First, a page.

Related topics

Novell boss in semi-apology over Microsoft pact

Lost in the moment

homeless man with sign

OSBC It was a short presentation that focused dryly on "opportunities" for open source in something he called the "service-driven data center."

But when he turned to the need for Linux to inter-operate with Windows in this service-driven data center, Novell's chief executive Ron Hovsepian delivered an apology - of sorts - for his company's controversial marriage to Microsoft in 2006.

Speaking at the Open Source Business Conference (OSBC), Hovsepian said he could have done a "better job" of communicating about the deal and suggested he got caught up in thinking about customers, instead of the perception and possible fallout from dealing with Microsoft.

Hovsepian insisted he remained fully committed to taking business away from Windows and .NET and putting it on open source and Java.

In exchange for an agreement on interoperability engineering between Windows and SuSE Linux in 2006, Novell also accepted an indemnification agreement.

While Novell denied it, the agreement was seen as an acceptance by Novell of Microsoft's claims - so far unproved and periodically repeated - that Linux and open source infringe on its patents.

Additionally, under the deal, Microsoft paid Novell $240m to distribute 350,000 SuSE Linux Enterprise Server subscription coupons.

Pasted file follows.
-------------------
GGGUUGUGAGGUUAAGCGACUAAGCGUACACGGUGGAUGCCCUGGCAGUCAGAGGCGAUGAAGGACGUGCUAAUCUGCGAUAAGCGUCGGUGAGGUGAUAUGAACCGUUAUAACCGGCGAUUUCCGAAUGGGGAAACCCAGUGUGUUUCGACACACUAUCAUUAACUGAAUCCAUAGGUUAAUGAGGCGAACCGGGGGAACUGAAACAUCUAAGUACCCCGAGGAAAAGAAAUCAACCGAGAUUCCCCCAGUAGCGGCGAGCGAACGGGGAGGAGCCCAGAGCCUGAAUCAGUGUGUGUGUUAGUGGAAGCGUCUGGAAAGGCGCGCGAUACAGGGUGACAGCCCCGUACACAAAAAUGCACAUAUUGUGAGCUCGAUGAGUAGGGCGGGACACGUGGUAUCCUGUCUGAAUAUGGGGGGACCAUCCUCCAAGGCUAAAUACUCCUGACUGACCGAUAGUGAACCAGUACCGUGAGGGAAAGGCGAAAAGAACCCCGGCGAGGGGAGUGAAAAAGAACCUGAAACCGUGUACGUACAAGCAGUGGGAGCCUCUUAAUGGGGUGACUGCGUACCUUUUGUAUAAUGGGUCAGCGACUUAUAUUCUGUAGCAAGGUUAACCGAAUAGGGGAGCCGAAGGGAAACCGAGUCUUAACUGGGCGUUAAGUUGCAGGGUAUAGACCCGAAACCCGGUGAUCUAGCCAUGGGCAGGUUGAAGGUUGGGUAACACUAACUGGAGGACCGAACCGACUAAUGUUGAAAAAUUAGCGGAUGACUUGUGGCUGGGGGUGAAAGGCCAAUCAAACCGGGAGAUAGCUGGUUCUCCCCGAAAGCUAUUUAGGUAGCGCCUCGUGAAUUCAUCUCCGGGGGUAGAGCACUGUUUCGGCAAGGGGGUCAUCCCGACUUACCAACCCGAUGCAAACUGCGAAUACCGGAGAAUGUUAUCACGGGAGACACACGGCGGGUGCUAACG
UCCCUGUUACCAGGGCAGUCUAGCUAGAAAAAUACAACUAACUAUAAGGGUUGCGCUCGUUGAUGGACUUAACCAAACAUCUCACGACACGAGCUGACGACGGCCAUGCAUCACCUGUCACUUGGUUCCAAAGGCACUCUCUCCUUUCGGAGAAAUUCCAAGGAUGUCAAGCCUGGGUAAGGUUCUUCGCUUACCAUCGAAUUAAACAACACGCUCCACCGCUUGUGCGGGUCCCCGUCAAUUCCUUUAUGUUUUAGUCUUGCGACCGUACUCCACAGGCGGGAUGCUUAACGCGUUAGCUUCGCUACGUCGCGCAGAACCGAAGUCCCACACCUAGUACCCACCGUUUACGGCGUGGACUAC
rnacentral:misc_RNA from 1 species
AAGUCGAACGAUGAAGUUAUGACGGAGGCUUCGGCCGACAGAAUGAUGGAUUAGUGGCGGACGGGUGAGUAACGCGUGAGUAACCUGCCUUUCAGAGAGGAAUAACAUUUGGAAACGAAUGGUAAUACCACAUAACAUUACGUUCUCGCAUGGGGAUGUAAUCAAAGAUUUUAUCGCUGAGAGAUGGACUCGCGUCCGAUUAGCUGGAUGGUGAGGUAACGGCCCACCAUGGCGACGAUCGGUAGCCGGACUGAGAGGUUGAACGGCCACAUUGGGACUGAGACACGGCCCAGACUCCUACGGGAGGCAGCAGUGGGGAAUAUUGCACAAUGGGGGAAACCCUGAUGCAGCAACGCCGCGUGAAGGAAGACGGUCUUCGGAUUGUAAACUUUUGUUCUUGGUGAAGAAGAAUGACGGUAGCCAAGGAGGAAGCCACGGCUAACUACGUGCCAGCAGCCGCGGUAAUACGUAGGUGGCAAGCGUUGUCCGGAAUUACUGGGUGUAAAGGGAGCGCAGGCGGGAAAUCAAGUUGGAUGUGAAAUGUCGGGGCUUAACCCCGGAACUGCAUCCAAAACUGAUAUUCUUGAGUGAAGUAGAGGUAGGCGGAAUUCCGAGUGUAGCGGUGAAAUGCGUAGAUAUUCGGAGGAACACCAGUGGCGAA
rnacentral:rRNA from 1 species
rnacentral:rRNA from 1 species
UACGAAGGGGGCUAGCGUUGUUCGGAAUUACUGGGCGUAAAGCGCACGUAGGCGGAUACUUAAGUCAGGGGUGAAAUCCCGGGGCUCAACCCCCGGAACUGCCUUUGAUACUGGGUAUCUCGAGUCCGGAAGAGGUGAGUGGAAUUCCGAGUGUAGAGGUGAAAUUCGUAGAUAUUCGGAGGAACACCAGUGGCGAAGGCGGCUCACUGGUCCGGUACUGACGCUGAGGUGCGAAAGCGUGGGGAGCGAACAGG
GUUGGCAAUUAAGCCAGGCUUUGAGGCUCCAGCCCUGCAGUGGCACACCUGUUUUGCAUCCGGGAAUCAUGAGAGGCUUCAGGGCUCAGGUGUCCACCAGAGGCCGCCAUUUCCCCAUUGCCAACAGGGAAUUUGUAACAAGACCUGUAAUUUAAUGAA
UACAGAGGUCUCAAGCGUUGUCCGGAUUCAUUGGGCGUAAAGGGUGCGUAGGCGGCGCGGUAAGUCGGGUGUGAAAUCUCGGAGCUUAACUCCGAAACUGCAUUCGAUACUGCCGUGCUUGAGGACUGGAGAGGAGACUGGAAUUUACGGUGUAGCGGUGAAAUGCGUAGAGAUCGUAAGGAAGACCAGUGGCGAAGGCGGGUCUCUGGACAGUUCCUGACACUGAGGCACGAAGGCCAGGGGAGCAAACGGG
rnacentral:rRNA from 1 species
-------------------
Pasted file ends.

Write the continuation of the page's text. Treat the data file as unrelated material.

Unsurprisingly, Novell was immediately blasted by members of the open-source and Linux communities. Novell's willingness to swallow Microsoft's indemnification clause was recently called into question again, when Red Hat signed its own interoperability deal on Windows, minus Microsoft's patent protection clause - as far as we know, at least.

"I know the deal we did with Microsoft caused a lot of noise and flack in the market," Hovsepian told OSBC on Tuesday. "And I wish I'd done a better job of communicating that. But the thing that caught in my head was the customer.

"Ninety eight per cent of customers said they would have Windows in their environment. My view was embrace it. I still want to put everything on JEE [Java Enterprise Edition] and a full open-source stack, but at the end of the day we have to listen to the customer." ®

Sponsored: Driving business with continuous operational intelligence